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Chest. 2004 Feb;125(2):446-52.

Clinical significance of elevated diffusing capacity.

Author information

1
Pulmonary and Critical Care Division, Nassau University Medical Center, 2201 Hempstead Turnpike, East Meadow, NY 11554, USA. gsaydain@numc.edu

Abstract

STUDY OBJECTIVE:

Single-breath diffusing capacity of the lung for carbon monoxide (DLCO) is used as a pulmonary function test (PFT) to assess gas transfer in the lungs. The implications of a low DLCO are well-recognized, but the clinical significance of a high DLCO is not clear. The aim of this study was to identify the clinical correlates of a high DLCO.

PATIENTS AND METHODS:

We identified 245 patients with a high DLCO (ie, > 140% predicted) and a matched group of 245 patients with normal DLCO (ie, 85 to 115% predicted), who were selected from a laboratory database of 45,000 patients tested between January 1997 and December 1999. We compared the demographic features, clinical diagnoses, and PFT data between the two groups.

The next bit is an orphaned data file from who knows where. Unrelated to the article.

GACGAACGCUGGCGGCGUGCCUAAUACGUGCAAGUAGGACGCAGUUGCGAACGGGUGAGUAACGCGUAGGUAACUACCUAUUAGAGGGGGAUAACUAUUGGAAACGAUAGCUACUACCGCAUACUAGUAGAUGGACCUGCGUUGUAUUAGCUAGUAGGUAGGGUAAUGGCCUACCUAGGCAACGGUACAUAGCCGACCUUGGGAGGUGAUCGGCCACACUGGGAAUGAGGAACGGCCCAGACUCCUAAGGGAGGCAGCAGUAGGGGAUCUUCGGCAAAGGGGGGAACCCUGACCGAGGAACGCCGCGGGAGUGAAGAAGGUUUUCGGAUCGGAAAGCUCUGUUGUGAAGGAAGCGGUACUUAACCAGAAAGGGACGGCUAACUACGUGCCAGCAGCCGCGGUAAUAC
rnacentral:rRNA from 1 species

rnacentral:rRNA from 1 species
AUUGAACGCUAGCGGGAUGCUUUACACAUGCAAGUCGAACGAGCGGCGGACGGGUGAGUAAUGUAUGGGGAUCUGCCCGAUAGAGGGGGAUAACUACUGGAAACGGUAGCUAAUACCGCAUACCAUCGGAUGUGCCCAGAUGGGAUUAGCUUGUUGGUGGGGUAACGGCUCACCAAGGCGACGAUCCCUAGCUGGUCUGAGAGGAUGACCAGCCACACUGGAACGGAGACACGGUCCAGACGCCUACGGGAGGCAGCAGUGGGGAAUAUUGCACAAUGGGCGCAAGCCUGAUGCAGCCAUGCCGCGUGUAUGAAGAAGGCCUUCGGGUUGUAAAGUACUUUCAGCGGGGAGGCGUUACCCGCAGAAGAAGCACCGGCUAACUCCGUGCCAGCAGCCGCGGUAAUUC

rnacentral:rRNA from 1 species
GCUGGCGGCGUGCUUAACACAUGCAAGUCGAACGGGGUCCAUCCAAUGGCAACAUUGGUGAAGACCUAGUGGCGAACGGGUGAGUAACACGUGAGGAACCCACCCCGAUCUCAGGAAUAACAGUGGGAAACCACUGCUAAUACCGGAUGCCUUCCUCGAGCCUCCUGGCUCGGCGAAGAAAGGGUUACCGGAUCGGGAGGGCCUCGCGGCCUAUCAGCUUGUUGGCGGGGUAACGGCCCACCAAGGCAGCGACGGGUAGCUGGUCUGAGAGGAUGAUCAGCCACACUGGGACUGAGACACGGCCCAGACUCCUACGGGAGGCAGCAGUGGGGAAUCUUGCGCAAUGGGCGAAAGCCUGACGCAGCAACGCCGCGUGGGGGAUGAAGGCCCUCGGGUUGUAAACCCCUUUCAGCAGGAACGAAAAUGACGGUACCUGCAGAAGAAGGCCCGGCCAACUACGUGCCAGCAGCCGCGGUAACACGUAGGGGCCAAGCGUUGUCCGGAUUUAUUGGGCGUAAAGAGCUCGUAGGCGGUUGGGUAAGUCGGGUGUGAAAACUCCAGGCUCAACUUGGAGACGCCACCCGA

SETTINGS:

Large multispecialty group practice.

RESULTS:

The patients in the high DLCO group were heavier (mean [+/- SD] weight, 96.0 +/- 22.9 vs 85.0 +/- 21.3 kg, respectively; p < 0.001), had a higher mean body mass index (32.9 +/- 7.4 vs 29.4 +/- 6.4 kg/m(2), respectively; p < 0.001), larger body surface area (p < 0.001), and larger mean total lung capacity (p = 0.007) and alveolar volume (p < 0.001). The clinical diagnoses of obesity (p < 0.001) and asthma (p < 0.001) were more common among patients with high DLCO values. The majority of patients (62%) with a high DLCO had a diagnosis of obesity, asthma, or both. Polycythemia, hemoptysis, and left-to-right shunt were uncommon.

CONCLUSION:

A high DLCO on a PFT is most frequently associated with large lung volumes, obesity, and asthma. Other conditions are much less common. A clinical condition, which typically reduces DLCO, may deceptively normalize DLCO in such patients.

PMID:
14769723
DOI:
10.1378/chest.125.2.446
[Indexed for MEDLINE]

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